Slow Cooked Black Eyed Peas with Ham (SkinnyTaste) 8 oz smoked lean ham steak, diced (or a ham bone would be perfect) 1 pound dried black-eyed peas, rinsed and soaked overnight 2 bay leaves 1 tsp olive oil 1 medium onion, diced 2 cloves garlic, diced 1 red bell pepper, stemmed, seeded, and diced 1 jalapeno chile, seeded and minced 1 tomato, diced 1/2 tsp chili powder (I used chipotle) 1-1/2 teaspoons cumin salt to taste 1 tsp ground black pepper Directions Soak peas overnight in 6 cups of water. The next morning, drain peas and add to slow cooker. Add 4 cups of water, bay leaves and ham. Cover and cook on high 6 hours or until the beans are tender. After 6 hours, in a large frying pan, add oil and sauté onion, garlic, bell pepper, jalapeño pepper, and tomato until soft, about 6 minutes. Add to the slow cooker and season black eyed peas generously with salt, cumin, chili powder and black pepper. Cover and cook on high 1 to 1 1/2 more hours. Discard bay leaves and serve. Servings: 8 • Serving Size: 1 cup Calories: 161.4 • Fat: 1.6 g • Protein: 9.3 g • Carb: 29.2 g • Fiber: 6.7 g

Crock Pot 3 Bean Turkey Chili (SkinnyTaste) Ingredients:

  • 1.3 lb (20 oz) fat free ground turkey breast
  • 1 small onion, chopped
  • 1 (28 oz) can diced tomatoes
  • 1 (16 oz) can tomato sauce
  • 1 (4.5 oz) can chopped chilies, drained
  • 1 (15 oz) can chickpeas, undrained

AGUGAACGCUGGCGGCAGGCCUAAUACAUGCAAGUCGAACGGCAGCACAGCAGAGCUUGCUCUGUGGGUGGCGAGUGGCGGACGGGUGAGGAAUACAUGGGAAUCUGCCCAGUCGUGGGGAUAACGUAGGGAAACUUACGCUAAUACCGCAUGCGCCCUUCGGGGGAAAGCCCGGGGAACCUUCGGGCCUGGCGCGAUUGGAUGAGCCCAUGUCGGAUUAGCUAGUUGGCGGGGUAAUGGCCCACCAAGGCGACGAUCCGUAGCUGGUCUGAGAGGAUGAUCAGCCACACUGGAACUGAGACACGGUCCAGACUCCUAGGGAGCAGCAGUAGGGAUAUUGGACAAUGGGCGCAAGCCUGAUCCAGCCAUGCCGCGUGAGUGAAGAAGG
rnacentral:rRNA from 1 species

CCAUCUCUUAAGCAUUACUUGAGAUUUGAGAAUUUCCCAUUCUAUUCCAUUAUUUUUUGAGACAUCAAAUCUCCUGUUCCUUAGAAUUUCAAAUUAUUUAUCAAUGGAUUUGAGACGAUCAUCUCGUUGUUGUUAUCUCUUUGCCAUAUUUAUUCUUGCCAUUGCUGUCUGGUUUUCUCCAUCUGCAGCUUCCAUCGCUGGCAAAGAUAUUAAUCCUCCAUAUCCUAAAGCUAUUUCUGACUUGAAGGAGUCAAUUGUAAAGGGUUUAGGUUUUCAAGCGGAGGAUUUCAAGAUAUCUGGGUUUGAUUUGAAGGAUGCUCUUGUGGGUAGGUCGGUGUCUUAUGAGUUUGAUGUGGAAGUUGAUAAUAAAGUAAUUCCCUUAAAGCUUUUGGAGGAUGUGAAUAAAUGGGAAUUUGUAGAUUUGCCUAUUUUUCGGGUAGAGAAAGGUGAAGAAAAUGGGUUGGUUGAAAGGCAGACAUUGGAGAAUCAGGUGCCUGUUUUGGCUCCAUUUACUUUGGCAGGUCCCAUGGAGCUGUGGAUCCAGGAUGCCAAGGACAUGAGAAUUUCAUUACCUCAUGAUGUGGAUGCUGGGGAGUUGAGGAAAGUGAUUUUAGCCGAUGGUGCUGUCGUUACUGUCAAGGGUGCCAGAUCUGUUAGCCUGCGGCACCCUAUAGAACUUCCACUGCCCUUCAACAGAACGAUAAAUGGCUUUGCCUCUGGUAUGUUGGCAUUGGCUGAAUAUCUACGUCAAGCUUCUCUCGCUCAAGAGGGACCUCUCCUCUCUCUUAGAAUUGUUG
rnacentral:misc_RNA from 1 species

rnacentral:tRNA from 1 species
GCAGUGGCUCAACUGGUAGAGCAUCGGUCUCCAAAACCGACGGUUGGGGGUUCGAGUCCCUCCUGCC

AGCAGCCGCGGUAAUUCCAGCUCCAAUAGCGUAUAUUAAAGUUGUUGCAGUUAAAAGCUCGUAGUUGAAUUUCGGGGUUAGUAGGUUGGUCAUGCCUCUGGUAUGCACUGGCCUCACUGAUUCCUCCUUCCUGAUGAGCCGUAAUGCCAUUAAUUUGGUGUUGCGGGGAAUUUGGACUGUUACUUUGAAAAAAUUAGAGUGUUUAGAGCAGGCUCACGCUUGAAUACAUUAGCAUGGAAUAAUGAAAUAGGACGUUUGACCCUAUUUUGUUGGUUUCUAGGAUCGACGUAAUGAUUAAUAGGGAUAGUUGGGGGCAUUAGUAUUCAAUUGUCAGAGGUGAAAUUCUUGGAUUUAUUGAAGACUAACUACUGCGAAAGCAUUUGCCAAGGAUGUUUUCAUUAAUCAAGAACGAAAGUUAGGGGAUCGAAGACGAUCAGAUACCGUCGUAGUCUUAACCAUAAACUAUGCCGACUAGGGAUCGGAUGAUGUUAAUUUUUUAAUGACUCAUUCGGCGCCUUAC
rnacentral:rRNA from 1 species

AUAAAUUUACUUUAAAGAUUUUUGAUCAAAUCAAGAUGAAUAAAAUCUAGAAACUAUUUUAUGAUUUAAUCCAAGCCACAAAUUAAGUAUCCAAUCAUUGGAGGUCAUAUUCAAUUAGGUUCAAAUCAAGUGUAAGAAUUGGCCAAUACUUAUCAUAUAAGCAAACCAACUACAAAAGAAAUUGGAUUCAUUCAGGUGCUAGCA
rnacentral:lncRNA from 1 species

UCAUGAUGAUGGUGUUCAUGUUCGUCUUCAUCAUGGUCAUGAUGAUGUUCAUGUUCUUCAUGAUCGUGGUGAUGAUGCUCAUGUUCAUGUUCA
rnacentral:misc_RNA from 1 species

• 1 (15.5 oz) can black beans, undrained
  • 1 (15.5 oz) can small red beans, undrained
  • 2 tbsp chili powder

For the Topping:

  • 1/2 cup chopped red onion
  • 1/2 cup chopped fresh cilantro for topping
  • shredded cheddar to top (extra pts)

Directions: Brown turkey and onion in a medium skillet over medium high heat until cooked through. Drain any fat remaining and transfer to crock pot . Add the beans, chilies, chickpeas tomatoes, tomato sauce and chili powder mixing well. Cook on high 6-8 hours. Servings: 12  Serving Size: 10.8 oz Calories: 206.3 • Fat: 1.4 g • Protein: 16.8 g • Carb: 31.8 g • Fiber: 9.0 g

Slow-Cooker Vegetarian Lasagna From EatingWell: November/December 2011 Serve with: a green salad. 8 servings | Active Time: 30 minutes | Total Time: 2 hours on High or 4 hours on Low Ingredients

  • 1 large egg
  • 1 15- to 16-ounce container part-skim ricotta
  • 1 5-ounce package baby spinach, coarsely chopped
  • 3 large or 4 small portobello mushroom caps, gills removed (see Tip), halved and thinly sliced
  • 1 small zucchini, quartered lengthwise and thinly sliced
  • 1 28-ounce can crushed tomatoes, partially drained